Samsung Galaxy tab stays off US shelves, appeal rejected

Samsung Galaxy tab stays off US shelves, appeal rejected

Summary: Samsung's request to temporarily lift the ban on American sales of the Galaxy Tab 10.1 has been rejected.

TOPICS: Samsung, Apple, HTC, Tablets

A U.S. judge has rejected a request filed by Samsung Electronics Co. to lift a ban on American sales of its Galaxy Tab 10.1.

Currently mired within a tablet patent dispute with rival technology giant Apple Inc., the South Korean firm has now faced an additional setback as its stock of Galaxy Tab 10.1 tablet computers remain gathering dust in the back of stockrooms.

Samsung requested a temporary lift on the ban which was put in place last week as a result of the ongoing dispute. U.S. District Judge Lucy Koh in San Jose, California, agreed to Apple's request to halt the sales of the Galaxy Tab, which runs on Google’s Android operating system.

The ban, focused on the U.S. market for the tablet, will remain in effect until the dispute is settled -- one way or another.

Each of the technology giants is accusing the other of patent infringement as they vie for dominance in the rapid-growth mobile technology market. Samsung asked the court to stay the injunction, and after its rejection, the company will continue to pursue an appeal to lift the order.

A spokeswoman told Reuters:

"Samsung is disappointed with the court's decision that denied our motion to stay. We believe today's ruling will ultimately reduce the availability of superior technological features to consumers in the U.S."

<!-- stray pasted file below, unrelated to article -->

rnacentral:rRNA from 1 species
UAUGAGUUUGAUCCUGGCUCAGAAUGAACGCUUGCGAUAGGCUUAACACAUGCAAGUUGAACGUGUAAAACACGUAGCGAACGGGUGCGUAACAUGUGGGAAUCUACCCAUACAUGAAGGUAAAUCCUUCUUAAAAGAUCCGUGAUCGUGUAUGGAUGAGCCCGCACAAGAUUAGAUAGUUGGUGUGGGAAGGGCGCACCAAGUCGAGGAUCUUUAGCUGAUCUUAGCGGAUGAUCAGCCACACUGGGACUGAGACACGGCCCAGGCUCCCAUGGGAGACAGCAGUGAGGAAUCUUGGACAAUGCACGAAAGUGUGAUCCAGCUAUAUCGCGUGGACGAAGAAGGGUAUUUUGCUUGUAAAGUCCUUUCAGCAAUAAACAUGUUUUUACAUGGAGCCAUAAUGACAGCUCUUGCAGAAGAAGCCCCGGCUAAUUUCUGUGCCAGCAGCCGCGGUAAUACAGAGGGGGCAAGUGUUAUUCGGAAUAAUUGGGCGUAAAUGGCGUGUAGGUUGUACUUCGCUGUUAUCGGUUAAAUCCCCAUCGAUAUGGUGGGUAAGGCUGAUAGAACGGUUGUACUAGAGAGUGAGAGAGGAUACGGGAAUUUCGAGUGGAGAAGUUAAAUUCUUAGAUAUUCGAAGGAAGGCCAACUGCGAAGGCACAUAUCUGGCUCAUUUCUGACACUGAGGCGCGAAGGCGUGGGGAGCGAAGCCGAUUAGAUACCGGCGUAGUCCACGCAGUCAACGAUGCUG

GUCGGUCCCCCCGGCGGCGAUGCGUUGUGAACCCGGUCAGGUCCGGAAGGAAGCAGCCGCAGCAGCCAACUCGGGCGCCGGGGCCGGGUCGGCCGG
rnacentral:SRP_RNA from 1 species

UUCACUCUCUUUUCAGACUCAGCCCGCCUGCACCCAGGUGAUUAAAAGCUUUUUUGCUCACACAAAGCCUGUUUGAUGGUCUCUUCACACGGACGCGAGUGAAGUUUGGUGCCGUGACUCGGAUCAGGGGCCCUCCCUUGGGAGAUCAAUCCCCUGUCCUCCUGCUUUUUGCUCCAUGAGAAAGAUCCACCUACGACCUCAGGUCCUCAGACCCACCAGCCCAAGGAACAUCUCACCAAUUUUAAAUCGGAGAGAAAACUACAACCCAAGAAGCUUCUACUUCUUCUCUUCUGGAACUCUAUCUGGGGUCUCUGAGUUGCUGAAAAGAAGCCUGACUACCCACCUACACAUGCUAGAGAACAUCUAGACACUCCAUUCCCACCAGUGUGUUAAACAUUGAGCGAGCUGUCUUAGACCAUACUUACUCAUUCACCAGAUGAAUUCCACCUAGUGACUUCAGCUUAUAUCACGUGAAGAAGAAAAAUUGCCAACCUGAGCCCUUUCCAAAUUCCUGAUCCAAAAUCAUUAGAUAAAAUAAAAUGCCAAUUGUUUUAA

Apple's claims allege that the Galaxy Tab is infringing on patents that it owns and used in the creation of the popular iPad tablet models. Galaxy Tab bans have been sought after and won in parts of Europe and Australia. 

 Samsung's next step is to go through a federal appeals court that specializes in intellectual property cases as the patent war continues. 

The case is under the U.S. District Court, Northern District of California: Apple Inc v. Samsung Electronics Co Ltd et al, 11-1846.

Topics: Samsung, Apple, HTC, Tablets

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  • You know

    We see all these lawsuits being filed but, why aren't most of these patents being challenged? Clearly many of them are bogus patents and some failed vetting for prior art.
  • Bad for the consumer

    Patenting common (and largely unavoidable) designs is terrible for the consumer. Imagine if this had happened with the advent of the PC? If anyone had patented a beige rectangle, we might be living in a very different world with regards to computing.
  • Where is the news about Google and Asus being sued by Nokia

    .... for the not yet released Google tablet ??